Making eLearning black and white

Students create Blackboard alternative: Whiteboard

Smrithi Upadhyayula
Mercury Staff

Computer science students Sunny Guan and Eric Zhang created an easy-to-navigate alternative to Blackboard’s small text and design.

Their project, which they say is a more user-friendly platform for students to manage their courses, is called Whiteboard as a contrast to Blackboard. Zhang said Whiteboard is especially convenient because it’s a Google Chrome Extension and doesn’t require students to access a separate webpage. They can simply log into eLearning like they usually do and Whiteboard will convert Blackboard pages into a more readable format with a sidebar for easier navigation.

“Whiteboard is an extension that gives all Blackboard websites a modern facelift,” Zhang said. “We came up with the idea when I discovered that Blackboard had a little-known API, and we decided to try to come up with a better user interface.”

Whiteboard is only one of several resources Guan has developed for UTD students.  

“I’m a freshman this year, and for the last few months, I’ve been working on a lot of different projects,” Guan said. “I’ve been building UTD Course Search, and I’ve been working on UTD Degree Planner and most recently, Whiteboard.”

In a recent Reddit post, Guan advertised Whiteboard to the student body by describing it as “Blackboard, But Better.” Students can download Whiteboard from Guan’s GitHub page and install it on their browsers. The extension was also recently added to the Chrome web store.

“We decided it would be really nice to not have to stare at eLearning every day and try to look at the tiny text,” Guan said. “It was actually Eric’s idea, and I was mostly the implementation guy.”

Guan has significant computer science experience – he’s been coding in Java and Python since his freshman year of high school. Yet, building Whiteboard still took some problem-solving. The first step of the design process was choosing a format for the program that would maintain the security of students’ confidential academic information.

“Initially, I think we started about a month ago. Eric and I decided to first think about how to host this thing. I’ve been working with web apps, but for this, it would be really hard to build it as a web app because it requires you to log in and see your grade information and that’s just too much privacy intrusion,” Guan said. “So, we decided to make a Chrome Extension, which means the user can log in and the Chrome Extension can just parse all that information, send in a request and do whatever it likes. It doesn’t have to store data or anything.”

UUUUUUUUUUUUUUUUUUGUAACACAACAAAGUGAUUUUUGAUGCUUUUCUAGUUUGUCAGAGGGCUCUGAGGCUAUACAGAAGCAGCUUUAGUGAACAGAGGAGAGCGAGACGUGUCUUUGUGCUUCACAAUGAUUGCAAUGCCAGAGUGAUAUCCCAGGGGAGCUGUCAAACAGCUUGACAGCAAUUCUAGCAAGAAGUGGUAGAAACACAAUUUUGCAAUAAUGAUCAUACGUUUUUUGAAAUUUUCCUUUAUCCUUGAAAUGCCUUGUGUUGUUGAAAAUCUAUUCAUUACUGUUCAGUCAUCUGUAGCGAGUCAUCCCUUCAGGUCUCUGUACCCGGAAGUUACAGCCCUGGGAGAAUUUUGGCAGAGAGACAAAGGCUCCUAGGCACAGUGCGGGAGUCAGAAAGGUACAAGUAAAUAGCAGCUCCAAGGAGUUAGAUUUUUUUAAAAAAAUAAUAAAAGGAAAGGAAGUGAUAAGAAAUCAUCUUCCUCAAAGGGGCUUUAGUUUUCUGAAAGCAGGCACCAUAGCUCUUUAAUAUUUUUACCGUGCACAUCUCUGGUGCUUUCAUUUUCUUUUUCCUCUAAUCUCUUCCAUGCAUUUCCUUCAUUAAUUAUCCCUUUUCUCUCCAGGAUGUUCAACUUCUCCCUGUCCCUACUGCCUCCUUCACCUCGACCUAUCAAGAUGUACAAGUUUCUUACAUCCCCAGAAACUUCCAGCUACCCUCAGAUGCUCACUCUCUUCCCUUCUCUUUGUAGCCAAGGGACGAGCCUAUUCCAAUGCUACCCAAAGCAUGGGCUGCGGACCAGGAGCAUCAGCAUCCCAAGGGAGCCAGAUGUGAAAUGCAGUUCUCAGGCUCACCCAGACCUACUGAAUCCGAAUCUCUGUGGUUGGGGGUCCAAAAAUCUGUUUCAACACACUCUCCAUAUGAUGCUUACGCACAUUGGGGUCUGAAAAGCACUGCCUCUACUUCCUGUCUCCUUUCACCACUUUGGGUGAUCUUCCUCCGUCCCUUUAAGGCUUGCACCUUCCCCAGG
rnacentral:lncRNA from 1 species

Guan said Whiteboard has come a long way since his first design. It now features a weekly calendar that shows students all of the upcoming due dates for their classes in one place, helping them more efficiently plan their week. Announcements are displayed individually at the top of the page, making them more visible, and modules are shown in boxes at the bottom of the page.

“Our first iteration was actually using Material Design Lite, so we built the very general framework,” Guan said. “We got the course list and we had the sidebar, which did not look that good, but it was functional – a lot better than eLearning.”

Guan and Zhang said that Whiteboard is still a work in progress, and they are continuing to improve it.  

“There are people who are putting in feature requests and asking me on Discord to add more features,” Guan said. “So I’m looking at those and also working on maintaining the application in case eLearning adds some stuff.”